Your guide to caring for a homegrown apple tree in your yard

October 13, 2015

Planting and growing your own apple tree can provide a bounty of delicious fruit every fall season. To reap the rewards of your own apple tree, it takes knowledge of planting methods, site selection and proper care; here is how to grow a tree that produces fruit for years.

Your guide to caring for a homegrown apple tree in your yard

Pick out your trees

  • Apples trees cannot self-pollinate, which is why you will need to plant at least two different types of apple trees near one another.
  • There are many different apple varieties that do well in Canadian climates, such as Golden Delicious, Empire and Spartan, and it's important that you select a type suited to your environment to avoid situations where your tree might not produce fruit.
  • While it is possible to grow an apple tree directly from an apple seed, it's a good idea to buy your saplings from a local nursery to plant.
  • They can sell you trees that fit your climate and give you tips for the specific trees in which you're interested.
  • If you want, it's also not a bad idea to take a soil sample test. A local nursery can help you interpret the test results, give suggestions on which apple variety to select and tell you how to adjust the soil pH.

Select a site

  • You should make sure the place where you plant your apple sapling has good soil drainage and sufficient air circulation, as apple trees tend to do poorly in overly moist areas.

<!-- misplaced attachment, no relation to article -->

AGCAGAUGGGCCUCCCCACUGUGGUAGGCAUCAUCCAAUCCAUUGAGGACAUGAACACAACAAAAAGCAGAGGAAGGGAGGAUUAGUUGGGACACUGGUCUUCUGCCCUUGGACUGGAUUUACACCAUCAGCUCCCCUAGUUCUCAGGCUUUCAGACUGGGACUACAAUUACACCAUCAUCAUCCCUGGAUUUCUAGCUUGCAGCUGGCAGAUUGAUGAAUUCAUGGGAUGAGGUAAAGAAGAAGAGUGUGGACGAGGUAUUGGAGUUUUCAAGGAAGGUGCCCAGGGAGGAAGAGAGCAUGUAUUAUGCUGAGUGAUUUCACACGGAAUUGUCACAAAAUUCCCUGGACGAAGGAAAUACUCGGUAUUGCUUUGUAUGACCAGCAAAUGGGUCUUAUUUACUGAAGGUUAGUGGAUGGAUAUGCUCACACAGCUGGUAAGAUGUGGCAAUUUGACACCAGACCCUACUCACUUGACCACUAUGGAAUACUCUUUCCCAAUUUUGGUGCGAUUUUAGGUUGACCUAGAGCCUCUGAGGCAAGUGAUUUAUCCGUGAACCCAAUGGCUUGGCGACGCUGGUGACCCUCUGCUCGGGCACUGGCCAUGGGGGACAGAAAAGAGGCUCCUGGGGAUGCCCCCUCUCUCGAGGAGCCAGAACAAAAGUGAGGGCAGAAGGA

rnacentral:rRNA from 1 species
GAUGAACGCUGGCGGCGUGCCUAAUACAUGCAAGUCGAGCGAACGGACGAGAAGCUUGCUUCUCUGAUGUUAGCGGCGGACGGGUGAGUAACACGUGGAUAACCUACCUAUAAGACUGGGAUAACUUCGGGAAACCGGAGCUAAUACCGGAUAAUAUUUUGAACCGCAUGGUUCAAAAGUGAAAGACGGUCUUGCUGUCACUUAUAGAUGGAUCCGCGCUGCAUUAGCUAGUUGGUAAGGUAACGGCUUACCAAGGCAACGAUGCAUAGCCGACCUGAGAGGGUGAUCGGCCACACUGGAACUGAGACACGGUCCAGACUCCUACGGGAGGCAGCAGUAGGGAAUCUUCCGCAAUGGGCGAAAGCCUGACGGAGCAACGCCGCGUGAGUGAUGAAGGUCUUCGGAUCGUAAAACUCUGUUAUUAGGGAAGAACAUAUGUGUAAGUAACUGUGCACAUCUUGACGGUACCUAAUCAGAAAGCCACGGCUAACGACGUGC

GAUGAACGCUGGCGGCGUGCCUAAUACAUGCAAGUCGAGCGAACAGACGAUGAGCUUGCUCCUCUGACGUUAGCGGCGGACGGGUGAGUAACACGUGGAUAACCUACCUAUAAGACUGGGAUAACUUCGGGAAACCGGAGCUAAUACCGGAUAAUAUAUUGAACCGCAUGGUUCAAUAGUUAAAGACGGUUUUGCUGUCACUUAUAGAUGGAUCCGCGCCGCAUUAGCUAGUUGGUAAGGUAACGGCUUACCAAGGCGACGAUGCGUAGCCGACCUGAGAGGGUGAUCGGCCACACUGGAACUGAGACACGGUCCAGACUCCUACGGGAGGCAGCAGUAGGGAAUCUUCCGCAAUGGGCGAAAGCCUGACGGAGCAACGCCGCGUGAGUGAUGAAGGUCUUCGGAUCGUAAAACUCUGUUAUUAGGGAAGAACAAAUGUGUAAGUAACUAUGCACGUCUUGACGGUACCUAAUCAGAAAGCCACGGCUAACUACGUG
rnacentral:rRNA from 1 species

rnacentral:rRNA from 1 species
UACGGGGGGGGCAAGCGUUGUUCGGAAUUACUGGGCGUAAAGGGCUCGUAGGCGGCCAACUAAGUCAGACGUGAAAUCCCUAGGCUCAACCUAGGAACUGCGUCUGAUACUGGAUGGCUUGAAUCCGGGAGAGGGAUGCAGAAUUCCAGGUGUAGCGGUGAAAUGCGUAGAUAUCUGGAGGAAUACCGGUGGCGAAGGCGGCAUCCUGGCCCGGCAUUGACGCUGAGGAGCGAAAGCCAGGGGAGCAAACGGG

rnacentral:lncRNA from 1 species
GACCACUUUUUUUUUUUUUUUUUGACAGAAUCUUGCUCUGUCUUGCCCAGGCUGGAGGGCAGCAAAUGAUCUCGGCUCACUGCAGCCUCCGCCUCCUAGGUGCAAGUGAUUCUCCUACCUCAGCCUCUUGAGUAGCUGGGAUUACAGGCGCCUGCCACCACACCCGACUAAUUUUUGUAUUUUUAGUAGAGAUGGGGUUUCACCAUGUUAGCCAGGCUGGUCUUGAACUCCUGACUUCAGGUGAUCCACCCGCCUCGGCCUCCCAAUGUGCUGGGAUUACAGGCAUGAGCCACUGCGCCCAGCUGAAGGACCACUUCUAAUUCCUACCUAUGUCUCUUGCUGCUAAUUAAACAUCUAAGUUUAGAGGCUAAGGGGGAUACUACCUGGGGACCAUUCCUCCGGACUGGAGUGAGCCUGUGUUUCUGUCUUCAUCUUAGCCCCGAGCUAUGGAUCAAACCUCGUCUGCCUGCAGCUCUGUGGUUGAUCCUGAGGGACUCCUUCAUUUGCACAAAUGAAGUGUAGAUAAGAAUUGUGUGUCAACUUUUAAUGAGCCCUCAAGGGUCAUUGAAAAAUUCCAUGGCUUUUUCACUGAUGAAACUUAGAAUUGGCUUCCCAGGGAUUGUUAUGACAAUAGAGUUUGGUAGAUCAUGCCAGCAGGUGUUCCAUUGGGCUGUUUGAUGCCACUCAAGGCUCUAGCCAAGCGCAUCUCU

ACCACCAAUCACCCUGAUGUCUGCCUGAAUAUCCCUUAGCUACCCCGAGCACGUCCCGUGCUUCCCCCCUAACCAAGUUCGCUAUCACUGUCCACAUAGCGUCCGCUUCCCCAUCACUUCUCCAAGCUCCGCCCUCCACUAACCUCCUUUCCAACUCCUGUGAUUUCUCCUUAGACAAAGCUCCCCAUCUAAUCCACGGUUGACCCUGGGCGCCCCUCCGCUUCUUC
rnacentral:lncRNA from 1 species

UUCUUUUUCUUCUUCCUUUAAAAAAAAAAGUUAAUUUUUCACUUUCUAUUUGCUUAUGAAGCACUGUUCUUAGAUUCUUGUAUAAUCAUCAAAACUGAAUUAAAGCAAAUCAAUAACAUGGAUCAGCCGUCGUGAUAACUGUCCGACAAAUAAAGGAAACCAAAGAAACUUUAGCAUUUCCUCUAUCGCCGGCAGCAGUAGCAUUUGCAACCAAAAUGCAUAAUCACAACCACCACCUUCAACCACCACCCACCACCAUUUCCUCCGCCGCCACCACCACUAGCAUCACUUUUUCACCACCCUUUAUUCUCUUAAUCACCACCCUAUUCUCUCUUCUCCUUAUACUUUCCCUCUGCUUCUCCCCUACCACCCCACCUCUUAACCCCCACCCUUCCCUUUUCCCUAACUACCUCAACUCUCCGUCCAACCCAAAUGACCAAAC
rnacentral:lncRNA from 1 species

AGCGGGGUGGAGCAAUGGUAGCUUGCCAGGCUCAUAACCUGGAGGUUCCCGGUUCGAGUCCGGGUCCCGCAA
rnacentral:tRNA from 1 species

• Also try to avoid depressed areas where cold air can settle, as this can negatively impact your tree's growth.

Plant the tree

  • Dig a hole about twice as deep as the actual root system of your sapling, and place the sapling inside the hole.
  • Fill the hole with a mixture of soil and compost. Do not add any fertilizer. The hole should be 60 centimetres deep in most cases. Pat the soil down around the tree and then water your tree thoroughly.
  • Then add a layer of mulch around the tree along with a light coating of organic fertilizer.
  • On top of that, spread some woodchips to keep weed growth under control. All of these steps will also help your tree retain moisture.

Protect the tree

  • Deer and other pests love to feed on apple trees, so it's important to protect your tree as much as possible.
  • You can put up a wire mesh fence to keep most deer and rabbits away from your sapling. For other pests, like apple maggots, you can buy specially designed sticky gels that will catch the maggots and kill them.
  • Other insects can be killed with sprays you can purchase at your local nursery or garden supply store.

Care for your tree

  • While the tree is still small, you should water it roughly every 12 days, but you can cut back on the frequency as it grows.
  • During the growing season, which runs May through March, you should provide your tree with about 2.5 centimetres of water per week.
  • If your tree is getting plenty of rain, you might not need to water it, but during dry spells, it's good to give it a good soaking.
  • Every spring, remove the mulch from your tree and spread a layer of compost on top of the soil; then replace it with a new layer of mulch.

Prune your tree

  • Although you don't want to prune a young tree, as your tree matures, you'll want to prune it annually.
  • If your tree is producing excessive fruit, you'll also want to thin the fruit a bit, as this can improve the quality of the remaining apples.

In the end, growing your own apple tree can be a highly rewarding experience. Follow these steps, and you should eventually have an apple tree that produces tasty fruit right outside your front door.

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